question of intelligence. Even if Israel knew exactly where Schalit was being
held (and one assumes Israel did, as Gaza is a very small place) according to
someone who I guarantee knows these things, there was no chance of extricating
Schalit alive and without Israel sustaining serious casualties in the effort.
Those who claim there was such an option, are being knowingly disingenuous. It
was never seriously there. Failure was guaranteed.
This is a country
where officers famously say, “After me.”
If Schalit has been abandoned,
more than a human life would have been thrown away. Israel’s morality would have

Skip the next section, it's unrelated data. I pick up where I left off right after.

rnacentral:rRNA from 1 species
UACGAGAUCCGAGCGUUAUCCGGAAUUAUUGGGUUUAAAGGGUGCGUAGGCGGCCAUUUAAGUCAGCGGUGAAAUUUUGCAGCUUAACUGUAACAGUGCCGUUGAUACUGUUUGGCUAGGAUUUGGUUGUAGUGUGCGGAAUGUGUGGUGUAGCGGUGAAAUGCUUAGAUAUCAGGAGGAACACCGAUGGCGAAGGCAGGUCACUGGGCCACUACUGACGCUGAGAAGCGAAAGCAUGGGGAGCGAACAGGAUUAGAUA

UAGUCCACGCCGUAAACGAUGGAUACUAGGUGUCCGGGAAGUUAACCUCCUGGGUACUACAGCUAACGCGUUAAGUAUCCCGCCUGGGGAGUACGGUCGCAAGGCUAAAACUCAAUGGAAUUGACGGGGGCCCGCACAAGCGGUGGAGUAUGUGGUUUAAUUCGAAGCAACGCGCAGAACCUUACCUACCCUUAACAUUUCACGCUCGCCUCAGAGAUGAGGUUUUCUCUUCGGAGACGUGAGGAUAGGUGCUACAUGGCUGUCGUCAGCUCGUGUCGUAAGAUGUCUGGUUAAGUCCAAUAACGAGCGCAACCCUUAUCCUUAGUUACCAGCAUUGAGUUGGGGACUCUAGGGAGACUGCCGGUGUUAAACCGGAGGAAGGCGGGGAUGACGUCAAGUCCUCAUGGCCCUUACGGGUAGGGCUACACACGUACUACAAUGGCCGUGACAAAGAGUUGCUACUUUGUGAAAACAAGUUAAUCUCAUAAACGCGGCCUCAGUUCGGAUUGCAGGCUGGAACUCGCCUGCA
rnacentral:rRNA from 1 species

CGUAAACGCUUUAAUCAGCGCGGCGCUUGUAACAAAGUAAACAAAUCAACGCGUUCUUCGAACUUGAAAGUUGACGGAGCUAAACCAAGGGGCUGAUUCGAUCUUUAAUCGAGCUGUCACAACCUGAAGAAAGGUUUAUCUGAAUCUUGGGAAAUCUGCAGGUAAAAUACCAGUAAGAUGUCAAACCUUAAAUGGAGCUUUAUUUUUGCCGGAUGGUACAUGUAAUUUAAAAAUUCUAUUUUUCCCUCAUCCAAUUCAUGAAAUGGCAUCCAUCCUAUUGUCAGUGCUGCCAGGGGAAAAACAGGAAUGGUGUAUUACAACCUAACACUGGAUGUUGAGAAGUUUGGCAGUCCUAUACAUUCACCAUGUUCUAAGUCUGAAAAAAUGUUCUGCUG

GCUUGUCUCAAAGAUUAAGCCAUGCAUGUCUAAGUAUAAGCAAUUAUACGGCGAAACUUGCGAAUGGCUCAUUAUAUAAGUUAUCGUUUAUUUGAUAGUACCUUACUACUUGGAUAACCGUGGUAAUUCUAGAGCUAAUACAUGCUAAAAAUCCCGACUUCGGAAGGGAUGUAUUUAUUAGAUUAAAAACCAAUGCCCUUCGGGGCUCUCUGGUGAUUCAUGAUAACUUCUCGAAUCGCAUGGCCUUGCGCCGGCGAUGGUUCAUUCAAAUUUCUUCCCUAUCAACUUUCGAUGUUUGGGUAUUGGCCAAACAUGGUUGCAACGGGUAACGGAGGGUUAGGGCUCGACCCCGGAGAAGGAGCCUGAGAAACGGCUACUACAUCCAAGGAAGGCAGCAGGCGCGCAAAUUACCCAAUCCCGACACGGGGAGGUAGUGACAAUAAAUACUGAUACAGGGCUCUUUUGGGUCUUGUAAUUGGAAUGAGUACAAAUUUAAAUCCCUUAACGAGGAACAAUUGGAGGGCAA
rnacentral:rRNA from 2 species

gone with it, as would the core of the military code that makes the Israel
Defense Forces the fighting force it is.
Hamas could kidnap another
Israeli soldier with or without Schalit incarcerated. The border with Sinai,
which is a tunnel away from Gaza, is porous, and we all see soldiers waiting for
lifts on the roads.
The price is not the problem.
The problem is
with people like Moshe Ya’alon, a former paratrooper, head of military
intelligence, chief-of-staff and now minister for strategic affairs, one of only
three cabinet ministers who voted against the exchange.
What example, I
ask, is he sending to young soldiers, or those about to be inducted, or their
parents, or those he sent into battle on Israel’s behalf? And this is the
minister responsible for the long-term security of Israel.
more worried about that, than not having to feed 1,000 terrorists three times a